How Much Water Does a Fiddle Leaf Fig Tree Require?
Your Fiddle Leaf Fig's watering schedule should be thoroughly but infrequent. It is best to allow the soil to dry out occasionally between watering. Sometimes, water pours out of the container without being retained by the potting soil. Soaking the dry soil in a small dish or saucer can be a way to solve this problem. It is important not to water the tree's foliage and not over-water them. The tips of the foliage of the Fiddle Leaf Fig will start to turn brown if the plant is either too wet or too dry. If you're unsure, it is always better to let the plant go dry instead of drenching it with water. Fiddle leaf figs enjoy humid air, so a humidifier or spritzing the air around the leaves can help reduce how often you need to water slightly.
Many designers have waxed philosophical on why the Fiddle Leaf Fig Tree became so popular. Ultimately, we think it has to do with the way it fits in seamlessly with almost every interior design style there is, it grows large and makes a statement, and it can settle into a routine and become very easy to take care of. The feeling you get when you master your Fiddle Leaf Fig's care routine is very gratifying.
Native to the tropical forests of Africa, the Fiddle Leaf Fig tree is considered the 'it' plant of our decade, just like the Spider Plant was in the 70s and Braided Ficus was in the 90s. Thankfully, when a plant becomes so popular it becomes the iconic plant of a decade, they tend to become a beloved staple rather than 'outdated.' They can be reinvented with new interior design styles, just like the Spider Plant, Braided Ficus, and the Majesty Palm. So, when you invest in a Fiddle Leaf Fig Tree, you don't have to worry about it being unpopular later. Its versatility in design is what makes it so great.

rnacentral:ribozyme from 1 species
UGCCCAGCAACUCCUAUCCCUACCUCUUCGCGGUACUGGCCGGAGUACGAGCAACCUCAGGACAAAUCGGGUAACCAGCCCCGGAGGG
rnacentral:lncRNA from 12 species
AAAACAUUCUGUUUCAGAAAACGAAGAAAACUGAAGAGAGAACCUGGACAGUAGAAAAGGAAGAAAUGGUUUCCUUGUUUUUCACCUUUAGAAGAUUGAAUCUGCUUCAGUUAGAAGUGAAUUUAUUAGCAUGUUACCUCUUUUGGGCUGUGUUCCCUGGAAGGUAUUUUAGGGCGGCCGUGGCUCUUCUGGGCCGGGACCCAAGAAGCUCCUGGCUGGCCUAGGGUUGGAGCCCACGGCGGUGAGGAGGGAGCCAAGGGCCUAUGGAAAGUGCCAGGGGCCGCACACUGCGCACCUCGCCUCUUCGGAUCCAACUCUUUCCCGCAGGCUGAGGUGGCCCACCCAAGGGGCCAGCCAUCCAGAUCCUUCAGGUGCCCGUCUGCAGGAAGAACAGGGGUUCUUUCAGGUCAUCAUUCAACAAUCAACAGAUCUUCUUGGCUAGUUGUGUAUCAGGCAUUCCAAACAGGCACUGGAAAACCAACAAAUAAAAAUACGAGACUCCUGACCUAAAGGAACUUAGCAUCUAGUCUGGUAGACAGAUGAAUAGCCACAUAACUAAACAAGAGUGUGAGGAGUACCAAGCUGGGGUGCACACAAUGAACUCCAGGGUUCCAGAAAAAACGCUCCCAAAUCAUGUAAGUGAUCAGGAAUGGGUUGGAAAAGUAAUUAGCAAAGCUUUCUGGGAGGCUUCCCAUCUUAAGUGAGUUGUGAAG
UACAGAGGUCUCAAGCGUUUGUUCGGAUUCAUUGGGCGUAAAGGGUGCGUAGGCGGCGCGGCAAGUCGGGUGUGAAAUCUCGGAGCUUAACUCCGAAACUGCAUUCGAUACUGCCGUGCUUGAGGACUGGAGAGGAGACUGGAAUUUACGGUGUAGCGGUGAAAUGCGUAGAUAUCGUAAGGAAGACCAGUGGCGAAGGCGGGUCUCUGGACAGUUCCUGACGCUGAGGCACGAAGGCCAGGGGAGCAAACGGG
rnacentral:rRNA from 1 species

The unique violin-shaped leaves make a statement, providing contrast to contemporary modern styles. They add color and impact against the creamy neutrals and minimalism of popular decor. Any well-lit room with enough ceiling clearance for these tall trees will benefit from a real Fiddle Leaf Fig tree - they're like living sculptures that also help to clean the air. You can choose Fiddle variations that are more bush-like in shape or that have smaller leaves too.
It took the indoor plant community some time to hone in on what makes a Fiddle Leaf Fig thrive, and now you can benefit from the trial and error of Fiddle owners before you. Bright, indirect light in a spot away from a vent will make your tree very happy. Misting the underside of the leaves and dusting the tops are great ways to pamper your tree as you pass by. The bright green, glossy leaves will shine with appreciation. Check the soil dampness every few days by pressing your finger into the soil down to your first knuckle; wait to water until most of your finger feels like the soil is dry to the touch. If you're unsure, wait another day. Lastly, avoid fussing or moving your Ficus lyrata too often. If you've found a sweet spot it likes, consider the benefits of moving it later against the cons of a stressed-out tree. If you don't feel like there is enough light in the exact spot where you want an indoor tree, there are many other options that have a similar grandiose quality to a Fiddle Leaf Fig without some of the idiosyncracies.
Any indoor plant social media influencer will tell you how rewarding a Fiddle Leaf Fig Tree can be. Or, you can tell us! Tag us in photos on social media using #GGDPlantLove - we love to hear fellow plant parents gush about why they love their live Fiddle Leaf Fig Trees too.